According to one survey, more than 90% of large organizations have a defined salary structure. According to another survey, less than 10% of organizations adopt a new salary structure approach in a given year. This means the vast majority of companies are using pay structures that were created before they were required to be published in some form.
In a recent conversation with a compensation leader, we heard this:
Pay transparency caught us a bit flat-footed. When we built our structure, it wasn't built with public consumption in mind. Things we used to see as features are now looking a bit more like bugs, since the user has changed from an HR and senior business leader to every employee and every candidate.
Now is an ideal time to assess the effectiveness of your compensation structures and specifically gather feedback about how they are perceived in the spotlight. Is it clear how to explain the range across geographic markets? Are there unwritten rules about the position of new hires that challenge what you are sharing in a job posting?
Among a sample of organizations changing their approach to salary structures, we see a few emerging practices:
- Narrower ranges. Wide ranges and "broad band" models put a lot of pressure on moving employees and candidates away from the top of the range, when the top of the range was never intended to be a common outcome.
- Formalizing "new hire zones." This creates a subset within the broader salary range, which help manage internal equity and can create a better candidate experience.
- Separating high and low cost labor markets. Shifting from location-agnostic ranges, where the organization would simply "pay higher in the range in higher cost of labor markets." Creating location-based versions of ranges, or creating separate location-based salary supplements, enables local-market competitiveness with additive transparency to employees and candidates.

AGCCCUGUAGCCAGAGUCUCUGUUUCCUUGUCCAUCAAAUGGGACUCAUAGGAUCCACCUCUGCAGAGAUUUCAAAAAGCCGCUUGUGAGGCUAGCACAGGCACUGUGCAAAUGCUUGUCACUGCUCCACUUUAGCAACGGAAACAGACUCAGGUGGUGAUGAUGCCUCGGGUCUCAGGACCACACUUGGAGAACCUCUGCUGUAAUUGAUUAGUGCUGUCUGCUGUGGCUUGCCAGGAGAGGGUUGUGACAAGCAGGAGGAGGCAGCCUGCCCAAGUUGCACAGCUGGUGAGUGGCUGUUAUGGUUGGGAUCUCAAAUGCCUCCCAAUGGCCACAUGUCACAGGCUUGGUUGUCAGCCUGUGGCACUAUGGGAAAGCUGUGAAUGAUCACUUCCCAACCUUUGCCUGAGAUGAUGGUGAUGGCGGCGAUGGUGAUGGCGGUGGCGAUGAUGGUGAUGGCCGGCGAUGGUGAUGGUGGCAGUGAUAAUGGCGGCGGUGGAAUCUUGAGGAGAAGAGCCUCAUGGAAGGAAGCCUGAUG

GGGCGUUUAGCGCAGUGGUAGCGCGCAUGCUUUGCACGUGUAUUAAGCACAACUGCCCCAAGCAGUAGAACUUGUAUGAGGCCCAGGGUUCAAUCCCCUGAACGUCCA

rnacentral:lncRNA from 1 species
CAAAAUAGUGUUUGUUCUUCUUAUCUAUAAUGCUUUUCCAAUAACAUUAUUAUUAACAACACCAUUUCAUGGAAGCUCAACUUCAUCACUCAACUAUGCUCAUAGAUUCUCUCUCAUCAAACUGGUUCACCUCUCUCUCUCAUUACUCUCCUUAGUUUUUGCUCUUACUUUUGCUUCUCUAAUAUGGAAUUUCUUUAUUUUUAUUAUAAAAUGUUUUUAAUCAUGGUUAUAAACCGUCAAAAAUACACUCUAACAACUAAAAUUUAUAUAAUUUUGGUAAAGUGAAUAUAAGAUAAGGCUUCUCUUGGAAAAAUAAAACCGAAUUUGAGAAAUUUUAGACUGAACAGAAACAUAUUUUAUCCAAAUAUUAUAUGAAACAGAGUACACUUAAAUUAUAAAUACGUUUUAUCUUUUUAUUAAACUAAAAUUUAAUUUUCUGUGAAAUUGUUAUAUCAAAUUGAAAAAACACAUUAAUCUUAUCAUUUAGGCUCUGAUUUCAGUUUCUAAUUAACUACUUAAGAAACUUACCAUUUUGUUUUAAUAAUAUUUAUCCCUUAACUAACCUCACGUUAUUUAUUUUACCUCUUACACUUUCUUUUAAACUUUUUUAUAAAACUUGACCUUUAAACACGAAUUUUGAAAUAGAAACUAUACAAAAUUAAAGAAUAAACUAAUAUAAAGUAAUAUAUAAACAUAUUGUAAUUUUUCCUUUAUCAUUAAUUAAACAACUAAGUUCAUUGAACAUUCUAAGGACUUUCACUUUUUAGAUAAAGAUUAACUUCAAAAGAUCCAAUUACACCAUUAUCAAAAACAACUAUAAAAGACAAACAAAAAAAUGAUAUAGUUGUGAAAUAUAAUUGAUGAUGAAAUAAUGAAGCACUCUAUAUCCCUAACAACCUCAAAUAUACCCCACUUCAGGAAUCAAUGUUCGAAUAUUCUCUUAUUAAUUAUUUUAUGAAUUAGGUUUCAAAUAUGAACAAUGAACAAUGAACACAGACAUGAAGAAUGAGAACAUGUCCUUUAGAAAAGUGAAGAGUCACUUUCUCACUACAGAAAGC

Fair Pay Requires More than Range Transparency
Pay transparency regulation is rooted as a strategy towards the greater purpose of fair and equitable pay. Transparency is part of the journey, not the destination.
Embracing pay transparency can be a catalyst for engaging your organization differently around Fair Pay more generally. We view Fair Pay as having three elements:
To advance the Fair Pay conversation in this new era of transparency, organizations should pursue each of these elements through the following initiatives:
- Evaluate compensation policies around promotions, compensation cycle guidelines, and ad-hoc adjustments. Assume they would be transparent, and revise them if not publicly defensable. Being more open about these guidelines supports Distributive and Procedural fairness, and helps Managers have more productive conversations around pay with their employees.
- Conduct a pay equity audit. You want to know what issues may exist before your employees discover them for you. In addition to evaluating pay equity differences with a DEI lens, also evaluate pay compression and tenure-based pay equity so you understand what employees will find as they see more data about the pay strategy.
- Equip your manages to have better conversations. If an employee has a pay concern, it will likely be raised to the manager. Managers don't think about compensation communication every day - nor should they - so ongoing enablement about compensation programs and principles will help them handle crucial conversations. It's also helpful to think about what messaging is best shared centrally to ensure consistency, particularly difficult messages (e.g., a lower raise pool than normal). Handling difficult messages more centrally allows managers to be more empathetic, which improves feelings of Interpersonal fairness.
Compensation Professionals: Your Time is Now
Embracing pay transparency is an opportunity for Compensation professionals to lead their organization into healthier employment relationships - if done right. Rather than waiting for questions, or finding ways to obscure what is expected to be clear, now is the time for Compensation teams to proactively equip their organizations to handle new levels of pay transparency.
Contact us today if your organization needs expert support on your journey to more pay transparency. We work with clients to clarify and align their compensation philosophy, review and enhance their job architectures and compensation structures, analyze the impact of changes in terms of pay equity and investment needed, and equip managers to have better pay conversations. See all of our Compensation services here.